When I pointed out to some of the XR mob that their childish virtual signalling was causing people genuine distress, one young woman told me, “it has to be done to save the planet!” When I started to reason with her she said, “Be careful – I’m studying for and environmental science degree!” This appeared to be some sort of warning that I wouldn’t have the necessary climate knowledge to debate with an expert such as her. I proceeded to ask her about the logarithmic absorption abilities of CO2, the UAH temp series, tropospheric hotspots (or the lack of one), and ECS values. She didn’t have a clue as to what I was talking about and just huffed, “Stop harassing me!”. I pointed out to her that she was the one who started talking to me and trying to wave her studies around as some sort of intellectual weapon. I wished her well and left her to it. She just scowled.

The XR wallies are an absolute waste of space.

Reply to  Andy Wilkins
April 10, 2022 8:22 am

Andy, you have been brave, but a little bit foolish. Was it not von Clausewitz who said: “Do not interrupt your enemy while he is making a mistake?”

Richard Page
Reply to  Neil Lock
April 10, 2022 11:21 am

No. Try again.

Stuart Hamish
Reply to  Richard Page
April 16, 2022 3:57 am

It was Napoleon ……Neil Lock and Richard Page both knew that

Reply to  Andy Wilkins
April 10, 2022 9:40 pm

People need to be told, all the way back in primary school, that a degree is nice thing to have, but having a degree does not make you educated ipso facto. Being educated is much more than that.

Pat Frank
April 10, 2022 8:26 am

her faith in institutions began to crumble.”

Faith is the problem. Passionate belief without evidence.

Or in Dr. Yamin’s case, passionate belief without understanding the argument.

The soul-satisfying vision of a demonized enemy and feeling moral about hatred. Ever so rousing to true believers. And ever the cause of pogrom and murder when directed outward.

In Dr. Yamin’s case, upset and despair comes with loss of her life-meaning as the inspirational cause is ablated away by reality. Sand running through her fingers.

It’s not despair over the environment, though that’s the exculpatory delusion. It’s despair over the emptiness that inchoate world-spanning passion once filled.

April 10, 2022 8:45 am

We need faster glue dissolvers.

Dave Fair
Reply to  ResourceGuy
April 10, 2022 10:35 am

Finally, a rational response to loonies disrupting others’ lives.

Robert Hanson
Reply to  ResourceGuy
April 10, 2022 11:12 am

Rather, we should give them a ‘superglue’ that takes a week or two to dissolve. Would give them plenty of time to rethink their actions. 🙂

Reply to  ResourceGuy
April 10, 2022 11:22 am

Perhaps hyper-localised blizzards might be more – umm – just.
Climate Justice, and that.


Richard Page
Reply to  ResourceGuy
April 10, 2022 11:22 am

Would a blowtorch applied to the superglue burn it off quite quickly?

April 10, 2022 9:48 am

C5H5NO2 is the chemical formula for superglue.

Note that it contains elemental unsequestered carbon and the air pollutant Nitrogen Dioxide, a powerful greenhouse gas.

Gluing yourself to a building by using superglue as a protest against climate change is as hypocritical as flying to the protest event while wearing synthetic fabrics.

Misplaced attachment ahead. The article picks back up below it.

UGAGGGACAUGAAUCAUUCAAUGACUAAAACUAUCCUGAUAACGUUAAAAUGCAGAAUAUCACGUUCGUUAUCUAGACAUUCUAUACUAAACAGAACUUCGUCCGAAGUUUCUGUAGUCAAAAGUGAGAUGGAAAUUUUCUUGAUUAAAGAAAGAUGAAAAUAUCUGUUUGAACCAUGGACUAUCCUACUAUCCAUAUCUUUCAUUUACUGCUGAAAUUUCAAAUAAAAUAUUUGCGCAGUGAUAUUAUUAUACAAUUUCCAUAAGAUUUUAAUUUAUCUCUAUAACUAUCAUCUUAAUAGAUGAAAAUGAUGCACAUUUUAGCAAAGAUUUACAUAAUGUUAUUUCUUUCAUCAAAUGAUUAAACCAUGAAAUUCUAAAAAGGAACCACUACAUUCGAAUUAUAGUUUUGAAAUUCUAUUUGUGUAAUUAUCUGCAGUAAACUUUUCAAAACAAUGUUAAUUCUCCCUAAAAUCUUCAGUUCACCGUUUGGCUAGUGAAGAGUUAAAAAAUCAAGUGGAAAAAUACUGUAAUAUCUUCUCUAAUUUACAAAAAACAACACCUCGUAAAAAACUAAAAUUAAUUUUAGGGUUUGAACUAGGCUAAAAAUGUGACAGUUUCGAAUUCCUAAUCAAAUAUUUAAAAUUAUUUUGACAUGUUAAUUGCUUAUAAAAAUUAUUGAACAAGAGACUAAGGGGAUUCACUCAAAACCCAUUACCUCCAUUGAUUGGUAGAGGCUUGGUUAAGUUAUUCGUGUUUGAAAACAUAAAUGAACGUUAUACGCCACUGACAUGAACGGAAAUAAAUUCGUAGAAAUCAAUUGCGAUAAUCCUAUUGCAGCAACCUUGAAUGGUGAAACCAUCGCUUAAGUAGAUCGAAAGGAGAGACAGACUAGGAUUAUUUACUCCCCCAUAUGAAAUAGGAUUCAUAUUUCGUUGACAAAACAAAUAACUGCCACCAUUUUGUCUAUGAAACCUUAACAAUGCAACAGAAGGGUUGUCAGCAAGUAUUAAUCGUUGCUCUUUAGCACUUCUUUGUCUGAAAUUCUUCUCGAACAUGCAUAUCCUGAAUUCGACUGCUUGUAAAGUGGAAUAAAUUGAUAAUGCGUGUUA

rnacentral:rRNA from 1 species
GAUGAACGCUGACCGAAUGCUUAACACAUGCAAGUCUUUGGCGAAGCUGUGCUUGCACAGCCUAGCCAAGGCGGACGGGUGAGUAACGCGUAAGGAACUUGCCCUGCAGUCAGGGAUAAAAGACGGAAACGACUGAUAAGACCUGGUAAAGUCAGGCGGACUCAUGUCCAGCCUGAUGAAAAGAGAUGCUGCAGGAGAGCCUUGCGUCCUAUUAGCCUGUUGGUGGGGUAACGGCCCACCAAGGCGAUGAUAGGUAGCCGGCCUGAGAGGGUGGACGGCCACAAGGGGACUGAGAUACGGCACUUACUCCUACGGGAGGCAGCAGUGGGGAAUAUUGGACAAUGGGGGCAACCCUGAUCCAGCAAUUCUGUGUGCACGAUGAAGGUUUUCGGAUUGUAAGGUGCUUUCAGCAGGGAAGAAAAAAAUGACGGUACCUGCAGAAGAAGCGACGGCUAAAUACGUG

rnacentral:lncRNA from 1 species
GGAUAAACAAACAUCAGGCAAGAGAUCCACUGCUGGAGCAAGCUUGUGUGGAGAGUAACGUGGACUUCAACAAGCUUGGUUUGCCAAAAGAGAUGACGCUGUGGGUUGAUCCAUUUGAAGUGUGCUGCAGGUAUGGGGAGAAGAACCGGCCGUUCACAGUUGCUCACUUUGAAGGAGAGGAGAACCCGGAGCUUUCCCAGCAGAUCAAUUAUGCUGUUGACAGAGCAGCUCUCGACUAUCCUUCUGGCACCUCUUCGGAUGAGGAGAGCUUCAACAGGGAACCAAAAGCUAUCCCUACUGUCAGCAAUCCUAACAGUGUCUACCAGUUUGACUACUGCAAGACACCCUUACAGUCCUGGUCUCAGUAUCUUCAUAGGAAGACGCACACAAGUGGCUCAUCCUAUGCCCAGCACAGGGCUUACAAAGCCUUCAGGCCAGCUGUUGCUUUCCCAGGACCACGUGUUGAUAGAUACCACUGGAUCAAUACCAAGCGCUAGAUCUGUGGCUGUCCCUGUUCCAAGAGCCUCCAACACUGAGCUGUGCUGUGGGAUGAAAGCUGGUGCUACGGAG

It is always amusing to watch protestors delude themselves into thinking they are “saving the planet” through their actions. They should all commit mass suicide instead if they were genuinely serious about making a difference.

John Garrett
April 10, 2022 9:54 am

She’s a nutjob— and she’s beyond redemption.

When she glued herself to Shell’s office building, she should have been left there.

It is evidently quite possible to graduate from Oxford without learning anything— just as it is obviously possible to graduate from Harvard College with no knowledge of physics, chemistry, mathematics or economics (see Al Gore, Bill McKibben and Amy Goodman).

Stuart Hamish
Reply to  John Garrett
April 10, 2022 8:22 pm

She may well be a millenarian ‘nut-job’ .She is certainly delusional and race obsessed ….So why is the Extinction Rebellion cult so popular among psychologists and psychiatrists ?

Bruce Cobb
April 10, 2022 10:43 am

She’s a Rebel Without a Clue.

April 10, 2022 11:50 am

Someone should tell those ER stooges that their big green banner is made from, GASP!, petroleum.

Craig from Oz
April 11, 2022 12:56 am

What I like about articles like this is how they often openly explain the actual problems yet fail to notice.

…because of disagreements with other leaders.

Yup. You join a Left Group, in which you all agree that everything can be solved if ONLY everyone else would let you be in charge… and then wonder why you collapse internally because no one can agree who should really be in charge and exactly what direction they should take.

I also like;

“I never looked back,”

in an article that is focused almost entirely about how our hero has been forced to re-evaluate her directions in life.

Graham Presley
April 11, 2022 3:46 am

tt would be very interesting to find out who had funded the 30 years of futility ? Politicians promising one thing and delivering another is hardly a surprise surely? Was she so naive as to believe in her cause to the extent that practical considerations just didn’t occur to her?
It’s very sad, but someone paid for her to keep body and soul together, a case could be made for her having been exploited, but by whom?